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Chain of Fools

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"Chain of Fools"
Single by Aretha Franklin
from the album Lady Soul
B-side"Prove It"
ReleasedNovember 1967
GenreR&B, soul, rock
Length4:03 (original unreleased recording)
2:47 (released version)
Songwriter(s)Don Covay
Producer(s)Jerry Wexler[1]
Aretha Franklin singles chronology
"(You Make Me Feel Like) A Natural Woman"
"Chain of Fools"
"(I Can't Get No) Satisfaction"

"Chain of Fools" is a song written by Don Covay. Aretha Franklin first released the song as a single in 1967 and subsequently it appeared on many of her albums. It hit number one on the Billboard Hot Rhythm & Blues chart and number two on Billboard's Hot 100 chart. In the lyrics, the singer has been with her boyfriend for five years but realizes she's one of his "chain of fools," women with whom he's been cheating. Others tell her to leave him, but she says his love is too strong and she's too weak. Yet someday, she predicts the chain will break.


Asked by Jerry Wexler, producer with Atlantic Records, to create songs for Otis Redding, Covay recorded a demo of "Chain of Fools", a song he had written in his youth while singing gospel with his brothers and sisters. The recording featured Covay singing and playing guitar, overdubbed with himself singing background.

Listening to the demo, Wexler chose to place the song with Aretha Franklin rather than Redding.[2] It became one of her chain of hit singles.


It reached number one on the U.S. R&B chart, staying there for four weeks.[3] "Chain of Fools" also peaked at number two on the Billboard Hot 100, behind "Judy in Disguise (With Glasses)" by John Fred & His Playboy Band.[4] It won the Grammy Award for Best Female R&B Vocal Performance, and later a Grammy Hall of Fame Award. In 2004, this song was ranked #249 on Rolling Stone's list of The 500 Greatest Songs of All Time.[5] The trademark tremolo guitar licks at the introduction were played by Joe South.[1] The song was edited for LP & 45; the original long version appeared on the quadrophonic LP The Best of Aretha Franklin in 1973 (later released on a quadrophonic DVD by Rhino in 2010), and on the 1995 Rhino remastering of Lady Soul. Cash Box said that the song was "a smashing entry that will top both blues and pop charts" with "heavy rhythmic push, and an overwhelming vocal impact."[6]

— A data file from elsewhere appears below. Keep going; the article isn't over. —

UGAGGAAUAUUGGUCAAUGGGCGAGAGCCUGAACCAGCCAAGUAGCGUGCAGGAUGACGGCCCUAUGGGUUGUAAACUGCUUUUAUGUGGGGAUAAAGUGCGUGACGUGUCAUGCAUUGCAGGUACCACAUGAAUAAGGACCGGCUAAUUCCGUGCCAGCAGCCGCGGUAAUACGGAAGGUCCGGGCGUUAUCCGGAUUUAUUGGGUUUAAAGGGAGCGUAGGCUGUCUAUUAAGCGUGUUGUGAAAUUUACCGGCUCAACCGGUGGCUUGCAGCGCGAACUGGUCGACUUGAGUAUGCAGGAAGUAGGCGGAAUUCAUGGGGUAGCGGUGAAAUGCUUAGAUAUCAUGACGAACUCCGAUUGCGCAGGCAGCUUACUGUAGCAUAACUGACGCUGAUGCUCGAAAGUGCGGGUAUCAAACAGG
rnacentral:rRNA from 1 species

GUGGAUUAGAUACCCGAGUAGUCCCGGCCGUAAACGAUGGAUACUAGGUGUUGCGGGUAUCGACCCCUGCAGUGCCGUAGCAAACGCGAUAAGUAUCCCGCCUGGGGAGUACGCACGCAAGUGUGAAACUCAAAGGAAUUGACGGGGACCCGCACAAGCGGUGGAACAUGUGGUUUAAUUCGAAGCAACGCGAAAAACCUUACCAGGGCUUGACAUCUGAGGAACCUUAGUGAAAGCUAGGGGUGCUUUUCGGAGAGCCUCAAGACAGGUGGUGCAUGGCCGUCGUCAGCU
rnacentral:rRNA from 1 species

Live recordings have appeared on the albums Aretha in Paris (1968) and VH1 Divas Live (1998, with Mariah Carey).


Chart positions[edit]

Charts Peak
U.S. Billboard Hot 100 2
U.S. Billboard Hot Rhythm & Blues 1
RPM Magazine (Can.) Top 100 4
UK Singles Chart 37

Notable cover version[edit]

  • In 1969, Finnish jazz singer Carola tried out rhythm & blues, recording a television video of "Chain of Fools". The tongue-in-cheek choreography by Heikki Värtsi included girl group dancing and Carola whipping a man in a cave.[7][8]

Uses in pop culture[edit]

In 1984, British Heavy Metal band Tank, released a cover version of "Chain of Fools" on their album Honour & Blood.

Little Caesar, an American hard rock band, are remembered for their version of the soul music song "Chain of Fools", a 1990 hit single from their self-titled debut album.

In 1990, the song was used in the Season Three episode of the TV series Midnight Caller entitled "Ryder on the Storm".

In the 1992 film Sneakers the song is played when the characters are having a celebration of their first success.

The song was used in the motion picture Michael (1996). John Travolta dances while the song is playing.

In 1999, the song highlights Tracey Moffatt's video montage 'Lip', from her series The Montages.

A character sings an excerpt from the song in the 2003 film School of Rock.[9]


  1. ^ a b c Gilliland, John (1969). "Show 52 – The Soul Reformation: Phase three, soul music at the summit. [Part 8] : UNT Digital Library" (audio). Pop Chronicles. University of North Texas Libraries.
  2. ^ Hogan, Ed (1967-06-23). "Chain of Fools – Aretha Franklin | Song Info". AllMusic. Retrieved 2016-09-30.
  3. ^ Whitburn, Joel (2004). Top R&B/Hip-Hop Singles: 1942–2004. Record Research. p. 215.
  4. ^ "The Hot 100 Chart". Billboard. 1968-01-20. Retrieved 2021-02-15.
  5. ^ "The RS 500 Greatest Songs of All Time". RollingStone.com. Archived from the original on October 16, 2007. Retrieved 2008-07-25.
  6. ^ "CashBox Record Reviews" (PDF). Cash Box. December 2, 1967. p. 22. Retrieved 2022-01-12.
  7. ^ Hung, Steffen (2007-04-16). "Carola [FI] – Chain Of Fools". Swisscharts.com. Retrieved 2016-09-30.[permanent dead link]
  8. ^ "Carolaa seitsemällä kielellä | Elävä arkisto". Yle.fi (in Finnish). Retrieved 2016-09-30.
  9. ^ Ivie, Devon (21 January 2021). "Maryam Hassan Answers Every Question We Have About School of Rock". Vulture. Archived from the original on May 8, 2021. Retrieved 8 March 2024.